The Duke of Argyll feels very sore that any one should deny that the Covenanters were martyrs or saints, or venture to be sceptical as to Clavers having been the devil. As, however, these things are no longer facts, it is useless to dwell on them. But the Duke has read, or pretends to have read, Bishop Sage's works, as published by the Spottiswoode Society; and as he finds the arguments of the learned prelate unanswerable, and his conclusions irresistible—like a silly child that cannot move a rock-he sets to work and heartily belabours the bishop who wrote, the editor who edits, the Society which publishes-which dares to publish-what the Duke of Argyll cannot answer, and which it would not accord with his prejudices to assent to. This is, in fact, the epitome of the book which his Grace has just published, which we now briefly and hurriedly allude to, in the hope of drawing the attention of some of our readers to the subject of it.

It may astonish our readers to be informed that all the mischief, all the bloodshed, all the misery, which has happened in Scotland since the era of the Reformation, lies at the door of the poor Church

(Episcopal) in Scotland!

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It raised two rebellions,-it fomented

discontent, it was a hot-bed of treason,-it was in its doctrines that the rebels of '15 and '45 found an excuse for their rebellion. It may indeed transcend the comprehension of minds like that of the Duke of Argyll, that there may be loyalty which is unsuccessful, and treason which is victorious; to him expediency may be synonymous with loyalty, as it is with truth,-it may suit his views to be loyal to a successful rebellion, and a traitor to an unfortunate loyalty,-but others have different notions, and may not regard it as any disgrace to our Church, that she taught her children to be loyal to him whom she had anointed with the coronation unction. But allowing all that the Duke requires-allowing that the Church did foment rebellion, did incite to treason this does not form any reply to Bishop Sage's arguments, or prove that the truth did not abide in her; truth has flowed through even more vitiated channels than a Jacobite Church, and it is no argument against the truth of a system, that its professors do not act up to their principles.

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In short, the Church (Episcopal) of Scotland does not please the Duke of Argyll—it does not come up to the standard of his notion what a Church should be. An Argyll' Church should be a thing, not a Church; a thing of such elastic nature that it could adapt itself to any circumstances-fit for any use-ready to perform any dirty work assigned to it by competent authority-and fully prepared to throw its cloak over any villany that its patrons might choose to perpetrate, or that might seem designed to further its interests. This the Duke of Argyll finds was not the character-has not been, is not, and we trust in God's mercy never will be-the character of the 'Church of Scotland,' however much it may coincide with that of the 'Kirk.'

Not the least amusing part of the Duke's lucubrations is that in which he accuses the Church of being too Scotch-too independent to accept the English Liturgy verbatim; and then immediately accuses it again of being too English-too Popish at one time-too Protestant at another :—it is impossible to please his Grace. We know not which, whether the Church or he be the moving luminary; but by some means or other, when the Church is in apogee the Duke is sure to be in perigee, and vice versa. We have our own idea as to which is stationary, but of course we are liable to be mistaken, and our readers had better decide the question for themselves.

Whatever position, however, the Church occupies-whether too Scotch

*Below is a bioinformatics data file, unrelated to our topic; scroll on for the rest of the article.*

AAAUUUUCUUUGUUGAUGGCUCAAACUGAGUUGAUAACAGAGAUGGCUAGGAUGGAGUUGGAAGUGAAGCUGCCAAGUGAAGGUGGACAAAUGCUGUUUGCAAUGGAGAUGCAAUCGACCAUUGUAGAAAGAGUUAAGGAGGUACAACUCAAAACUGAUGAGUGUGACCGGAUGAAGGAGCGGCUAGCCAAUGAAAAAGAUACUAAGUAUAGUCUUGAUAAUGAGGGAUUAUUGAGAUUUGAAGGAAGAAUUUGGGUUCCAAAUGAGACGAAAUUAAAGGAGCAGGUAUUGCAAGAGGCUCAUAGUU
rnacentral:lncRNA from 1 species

or too English, too Popish, or not Popish enough-in each, all, and every possible phase of its existence, it is still the curse of Scotland, and the bane of her civilization. Pshaw! my Lord Duke of Argyll— if you must needs know the curse of Scotland-if you must needs discover that hidden source of her backwardness which you presume you have pitched upon-look nearer home-throw up your window and gaze out, where, basking in the summer sun in brutish indolence, or dozing at winter mid-day at the peat fire of a wretched cabin-ever idle-ever in want-useless, miserable, wretched, filthy, and ignorant, hordes of demi-savages, who call you chief, drag out their swinish existence in squalid misery, and perish from starvation in the midst of plenty which they are too indolent to avail themselves of, and surrounded by God's bounties which they refuse to gather. Look at them, my Lord, born in a country to which the wide Atlantic herself bears her 'great multitude of fishes' as it were into their very hands, in the many inlets which indent their coasts,-with a soil which, if sterile, yet holds out the promise of a fair return to industry and perseverance, with all the advantages that situation can afford, and all the benefits that internal communication can confer;-yes! my Lord, look, and say where in all the wide world, in any country which calls itself civilized (always excepting Ireland), you will find such a picture. Misery obstinately bent on being miserable—ignorance perseveringly ignorant-laziness incorrigibly lazy-and filth swinishly bent on continuing filthy. This is the picture which meets the eye of the traveller in the Western Highlands, where, thanks to the fostering care of the Argylls, the Kirk of Scotland has ever been supreme, and the curse of Scotland, the Episcopal Church, has scarce even yet dared to raise its head.

My Lord, in the same country, governed by the same laws, influenced by the same influences, and actuated, if you will have it so, by the same prejudices, there is a city known among cities as one of surpassing beauty and elegance; a city of palaces-at least comparatively-whose merchants are princes in miniature, a city which, within the last week or two, has welcomed Royalty right royally; and yet, my Lord, that city is built in the midst of a bleak and barren country, of stone which requires infinite labour to manufacture; its commerce, great as it now is, was but that of a maritime village some hundred years ago. Go out into the surrounding country, and you will find the soil more sterile, and cold, and bleak, than any you find in your own estates, and yet you will find the operations of agricul